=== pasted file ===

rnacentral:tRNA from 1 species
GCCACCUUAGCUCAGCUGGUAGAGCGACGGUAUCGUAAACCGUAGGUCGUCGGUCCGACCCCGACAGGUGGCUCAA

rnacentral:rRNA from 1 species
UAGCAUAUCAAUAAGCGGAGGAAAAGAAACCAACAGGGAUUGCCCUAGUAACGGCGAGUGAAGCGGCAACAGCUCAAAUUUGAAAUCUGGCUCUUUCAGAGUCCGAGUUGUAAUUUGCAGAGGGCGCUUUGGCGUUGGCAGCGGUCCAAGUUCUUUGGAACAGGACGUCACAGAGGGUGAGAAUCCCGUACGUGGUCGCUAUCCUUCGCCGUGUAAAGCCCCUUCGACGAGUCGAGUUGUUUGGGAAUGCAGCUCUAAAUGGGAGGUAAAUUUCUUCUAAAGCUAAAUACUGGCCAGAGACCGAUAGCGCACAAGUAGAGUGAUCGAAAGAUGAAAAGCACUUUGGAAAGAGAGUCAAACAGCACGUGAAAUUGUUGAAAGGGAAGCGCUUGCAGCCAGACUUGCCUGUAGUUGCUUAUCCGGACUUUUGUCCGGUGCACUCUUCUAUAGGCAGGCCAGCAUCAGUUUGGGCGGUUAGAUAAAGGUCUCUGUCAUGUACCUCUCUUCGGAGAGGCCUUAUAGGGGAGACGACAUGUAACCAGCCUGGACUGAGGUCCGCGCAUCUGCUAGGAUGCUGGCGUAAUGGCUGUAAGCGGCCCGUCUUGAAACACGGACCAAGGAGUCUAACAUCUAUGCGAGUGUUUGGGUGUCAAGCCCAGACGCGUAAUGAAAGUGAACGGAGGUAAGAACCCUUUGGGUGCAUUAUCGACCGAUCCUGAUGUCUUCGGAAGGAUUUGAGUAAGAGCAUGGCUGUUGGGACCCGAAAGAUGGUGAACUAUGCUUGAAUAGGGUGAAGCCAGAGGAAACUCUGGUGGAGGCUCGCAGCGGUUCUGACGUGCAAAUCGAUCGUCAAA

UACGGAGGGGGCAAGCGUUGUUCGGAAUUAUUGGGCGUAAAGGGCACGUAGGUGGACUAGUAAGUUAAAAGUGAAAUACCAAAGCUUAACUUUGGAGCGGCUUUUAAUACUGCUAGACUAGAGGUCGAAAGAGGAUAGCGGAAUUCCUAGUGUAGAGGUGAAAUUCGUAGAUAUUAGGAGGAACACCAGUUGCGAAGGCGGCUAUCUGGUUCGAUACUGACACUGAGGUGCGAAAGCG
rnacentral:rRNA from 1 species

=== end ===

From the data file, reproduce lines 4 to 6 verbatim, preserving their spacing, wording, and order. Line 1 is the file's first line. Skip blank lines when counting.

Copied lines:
UAGCAUAUCAAUAAGCGGAGGAAAAGAAACCAACAGGGAUUGCCCUAGUAACGGCGAGUGAAGCGGCAACAGCUCAAAUUUGAAAUCUGGCUCUUUCAGAGUCCGAGUUGUAAUUUGCAGAGGGCGCUUUGGCGUUGGCAGCGGUCCAAGUUCUUUGGAACAGGACGUCACAGAGGGUGAGAAUCCCGUACGUGGUCGCUAUCCUUCGCCGUGUAAAGCCCCUUCGACGAGUCGAGUUGUUUGGGAAUGCAGCUCUAAAUGGGAGGUAAAUUUCUUCUAAAGCUAAAUACUGGCCAGAGACCGAUAGCGCACAAGUAGAGUGAUCGAAAGAUGAAAAGCACUUUGGAAAGAGAGUCAAACAGCACGUGAAAUUGUUGAAAGGGAAGCGCUUGCAGCCAGACUUGCCUGUAGUUGCUUAUCCGGACUUUUGUCCGGUGCACUCUUCUAUAGGCAGGCCAGCAUCAGUUUGGGCGGUUAGAUAAAGGUCUCUGUCAUGUACCUCUCUUCGGAGAGGCCUUAUAGGGGAGACGACAUGUAACCAGCCUGGACUGAGGUCCGCGCAUCUGCUAGGAUGCUGGCGUAAUGGCUGUAAGCGGCCCGUCUUGAAACACGGACCAAGGAGUCUAACAUCUAUGCGAGUGUUUGGGUGUCAAGCCCAGACGCGUAAUGAAAGUGAACGGAGGUAAGAACCCUUUGGGUGCAUUAUCGACCGAUCCUGAUGUCUUCGGAAGGAUUUGAGUAAGAGCAUGGCUGUUGGGACCCGAAAGAUGGUGAACUAUGCUUGAAUAGGGUGAAGCCAGAGGAAACUCUGGUGGAGGCUCGCAGCGGUUCUGACGUGCAAAUCGAUCGUCAAA

UACGGAGGGGGCAAGCGUUGUUCGGAAUUAUUGGGCGUAAAGGGCACGUAGGUGGACUAGUAAGUUAAAAGUGAAAUACCAAAGCUUAACUUUGGAGCGGCUUUUAAUACUGCUAGACUAGAGGUCGAAAGAGGAUAGCGGAAUUCCUAGUGUAGAGGUGAAAUUCGUAGAUAUUAGGAGGAACACCAGUUGCGAAGGCGGCUAUCUGGUUCGAUACUGACACUGAGGUGCGAAAGCG
rnacentral:rRNA from 1 species